Newsletter

Quality. In your life, in your sound.

Published On: February 5, 2021Tags:

It’s All About Quality

Why do we spend hours perusing the magazines, forums, and YouTube reviews to find golden nuggets of information that will improve our listening experience? Why do we travel great distances to visit the conferences, showrooms, and shows, searching for the next great piece of gear that will elevate our sound system? Why do our friends, spouses, and relatives sometimes think we have totally and completely lost our minds? Is it because we are bored, or swimming in disposable income? No, it is because we care about the quality of the musical playback in our lives, and will go to great lengths to continually increase its quality.

Whether HiFi connoisseur or discriminating studio engineer, you want…no, you need your sound system to inspire trust, passion, and intimacy while displaying effortless power and transforming your listening space into any number of different scenes. What this means to each of us, specifically, might be a little different, but it all revolves around the central idea of quality.

Using the English Language to Describe the Qualities of Sound

While it may have its limitations, let’s all agree to use basic, simple English to describe the features of sound that we find appealing, that make our sonic experiences more enjoyable and fulfilling, those upon which we place a high value. In other words, the aspects of sound that determine its level of quality.

Many words are used by many people to describe sound, some better than others, but all valid in their own right. Often, these words refer to a particular tonal range and attempt to quantify, in some way, the degree to which that range appeals to the author of the words. Sometimes the descriptors refer to temporal aspects within the music. Some words refer to a combination of these two things.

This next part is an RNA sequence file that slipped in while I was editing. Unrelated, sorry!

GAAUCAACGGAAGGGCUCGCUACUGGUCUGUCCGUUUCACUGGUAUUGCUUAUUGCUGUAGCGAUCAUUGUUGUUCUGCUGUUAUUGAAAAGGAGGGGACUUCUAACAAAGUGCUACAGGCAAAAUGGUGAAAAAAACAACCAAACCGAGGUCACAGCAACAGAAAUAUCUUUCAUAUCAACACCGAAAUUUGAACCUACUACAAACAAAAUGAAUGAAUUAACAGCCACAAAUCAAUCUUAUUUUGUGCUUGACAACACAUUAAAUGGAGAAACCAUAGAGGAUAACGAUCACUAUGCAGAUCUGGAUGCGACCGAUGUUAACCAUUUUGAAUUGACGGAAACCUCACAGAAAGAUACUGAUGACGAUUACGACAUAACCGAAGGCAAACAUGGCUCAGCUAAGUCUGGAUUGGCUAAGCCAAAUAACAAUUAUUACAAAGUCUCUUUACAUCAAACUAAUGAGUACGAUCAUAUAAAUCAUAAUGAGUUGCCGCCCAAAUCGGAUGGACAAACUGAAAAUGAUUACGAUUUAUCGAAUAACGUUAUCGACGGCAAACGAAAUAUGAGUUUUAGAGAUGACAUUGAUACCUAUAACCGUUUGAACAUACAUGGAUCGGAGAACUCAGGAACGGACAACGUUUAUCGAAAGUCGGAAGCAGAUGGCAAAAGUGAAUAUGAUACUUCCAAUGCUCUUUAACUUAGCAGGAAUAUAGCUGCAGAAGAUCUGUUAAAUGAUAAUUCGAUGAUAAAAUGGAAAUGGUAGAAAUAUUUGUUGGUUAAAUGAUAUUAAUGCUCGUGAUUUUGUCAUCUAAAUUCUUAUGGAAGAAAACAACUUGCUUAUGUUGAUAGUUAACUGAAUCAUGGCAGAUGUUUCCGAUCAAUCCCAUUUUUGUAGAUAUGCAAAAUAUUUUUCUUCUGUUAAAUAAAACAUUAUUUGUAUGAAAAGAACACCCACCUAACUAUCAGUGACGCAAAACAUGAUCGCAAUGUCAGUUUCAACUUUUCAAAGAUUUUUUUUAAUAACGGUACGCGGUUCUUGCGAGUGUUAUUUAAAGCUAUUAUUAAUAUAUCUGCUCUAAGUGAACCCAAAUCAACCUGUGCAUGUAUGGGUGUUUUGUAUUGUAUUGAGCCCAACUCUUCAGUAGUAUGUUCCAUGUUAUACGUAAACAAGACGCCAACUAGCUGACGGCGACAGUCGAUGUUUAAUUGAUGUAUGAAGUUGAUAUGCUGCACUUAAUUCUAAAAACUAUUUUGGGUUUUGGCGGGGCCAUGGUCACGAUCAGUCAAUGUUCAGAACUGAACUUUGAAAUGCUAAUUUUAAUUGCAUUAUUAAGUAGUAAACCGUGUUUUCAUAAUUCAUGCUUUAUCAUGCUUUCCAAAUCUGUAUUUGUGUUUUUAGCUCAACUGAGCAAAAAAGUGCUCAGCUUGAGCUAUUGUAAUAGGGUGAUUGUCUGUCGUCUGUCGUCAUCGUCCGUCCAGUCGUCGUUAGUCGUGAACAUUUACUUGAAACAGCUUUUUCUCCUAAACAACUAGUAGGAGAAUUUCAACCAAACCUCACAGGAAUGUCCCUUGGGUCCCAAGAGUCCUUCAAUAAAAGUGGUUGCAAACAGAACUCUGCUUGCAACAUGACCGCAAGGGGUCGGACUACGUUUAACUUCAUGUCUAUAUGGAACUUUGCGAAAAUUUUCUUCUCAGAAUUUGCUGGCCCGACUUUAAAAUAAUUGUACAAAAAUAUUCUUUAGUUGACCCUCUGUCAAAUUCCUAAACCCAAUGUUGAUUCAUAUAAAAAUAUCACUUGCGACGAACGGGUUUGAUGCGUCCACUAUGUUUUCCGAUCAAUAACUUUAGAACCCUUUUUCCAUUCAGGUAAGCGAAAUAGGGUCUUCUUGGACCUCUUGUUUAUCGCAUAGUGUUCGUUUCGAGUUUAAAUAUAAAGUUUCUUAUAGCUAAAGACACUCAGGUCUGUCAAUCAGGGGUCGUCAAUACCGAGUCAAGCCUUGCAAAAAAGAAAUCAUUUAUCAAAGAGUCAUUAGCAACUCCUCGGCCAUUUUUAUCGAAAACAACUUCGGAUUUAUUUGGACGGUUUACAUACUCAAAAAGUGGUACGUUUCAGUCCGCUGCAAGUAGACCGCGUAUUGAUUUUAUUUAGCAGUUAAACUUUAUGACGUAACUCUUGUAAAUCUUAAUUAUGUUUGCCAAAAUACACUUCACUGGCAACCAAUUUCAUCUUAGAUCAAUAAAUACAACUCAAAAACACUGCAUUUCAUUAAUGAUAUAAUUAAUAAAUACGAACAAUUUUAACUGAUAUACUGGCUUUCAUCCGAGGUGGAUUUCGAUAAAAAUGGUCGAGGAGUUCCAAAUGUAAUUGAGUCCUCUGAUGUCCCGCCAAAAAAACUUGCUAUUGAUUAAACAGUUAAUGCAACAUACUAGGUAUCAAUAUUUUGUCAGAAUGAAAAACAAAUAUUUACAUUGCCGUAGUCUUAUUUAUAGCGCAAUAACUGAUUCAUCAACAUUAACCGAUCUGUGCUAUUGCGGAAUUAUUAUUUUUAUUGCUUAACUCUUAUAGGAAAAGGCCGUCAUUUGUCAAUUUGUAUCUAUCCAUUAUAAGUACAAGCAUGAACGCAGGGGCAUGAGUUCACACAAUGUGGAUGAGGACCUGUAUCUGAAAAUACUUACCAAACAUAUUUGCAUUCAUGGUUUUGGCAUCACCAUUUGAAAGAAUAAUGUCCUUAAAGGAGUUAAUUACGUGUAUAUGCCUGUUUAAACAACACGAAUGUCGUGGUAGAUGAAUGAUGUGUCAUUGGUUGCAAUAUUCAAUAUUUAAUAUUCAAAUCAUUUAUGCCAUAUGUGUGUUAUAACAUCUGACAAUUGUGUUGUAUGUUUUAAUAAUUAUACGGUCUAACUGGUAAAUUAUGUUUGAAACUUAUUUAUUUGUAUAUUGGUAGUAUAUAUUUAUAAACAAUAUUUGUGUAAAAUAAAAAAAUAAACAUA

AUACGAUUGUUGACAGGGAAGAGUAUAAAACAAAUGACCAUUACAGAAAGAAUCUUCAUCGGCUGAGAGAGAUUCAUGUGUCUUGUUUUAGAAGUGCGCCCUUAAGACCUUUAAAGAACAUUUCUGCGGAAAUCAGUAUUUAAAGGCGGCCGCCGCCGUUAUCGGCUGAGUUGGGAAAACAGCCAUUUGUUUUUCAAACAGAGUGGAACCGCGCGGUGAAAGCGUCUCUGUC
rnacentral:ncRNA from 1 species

In every case, the effort is to help the reader or listener understand the author’s personal impression of the sound using words that can be interpreted in many different ways by many different people. What is one to do? Who can we trust, what do the words really mean?

Let’s go with consensus.

Talking About the Bass Range

Here at ASC we spend most of our time working under 200 Hz. While treble diffusion and midrange absorption are important parts of room acoustic control, and TubeTraps deliver both of those services with gusto, the real innovation of TubeTraps and the ASC room treatment approach has always been to focus first and foremost on the fundamental notes in the lowest octaves: the BASS.

So shall our discussion of sonic terminology focus. A general delineation of the bass range, in terms of cycles per second, goes approximately as follows:

  • 20-40 deep bass
  • 40-100 mid bass
  • 100-250 upper bass

What we want to do is to find the most succinct, understandable description capable of conveying a sense of quality within the bass range. There is almost no chance of 100% agreement about which elements of sound are most important in this range, but we can at least take a peek into the minds (and ears!) of our loyal readers.

Survey Says: Great Bass is Awesome!

Do you like your bass smooth, lacking edges, causing your head to slowly sway and bob? Or would you rather your bass be punchy and dynamic, delivering the real feel of a kick drum or timpani? How about articulate, where every solitary note is uniquely defined and separated? Maybe fast is your style, in which the 16th notes from Jaco’s lightning-fast fingers are each distinct and perfectly timed?

Going the other direction, what aspects of poor bass reproduction are the most disruptive to your cherished listening experience? Does a heavy bass drag you down? Will a lean bass presentation leave you starving for more? What about muddy bass, does it cause you to feel dirty? Lulled to sleep by slow bass? Does bloated bass make you want to reach for the Beano?

Latest Newsletters!

Go to Top